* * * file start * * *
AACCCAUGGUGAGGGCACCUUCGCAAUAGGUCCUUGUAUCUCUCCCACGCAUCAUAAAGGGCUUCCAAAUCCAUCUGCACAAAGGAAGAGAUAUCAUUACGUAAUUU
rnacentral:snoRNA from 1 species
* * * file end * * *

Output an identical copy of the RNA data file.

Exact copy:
AACCCAUGGUGAGGGCACCUUCGCAAUAGGUCCUUGUAUCUCUCCCACGCAUCAUAAAGGGCUUCCAAAUCCAUCUGCACAAAGGAAGAGAUAUCAUUACGUAAUUU
rnacentral:snoRNA from 1 species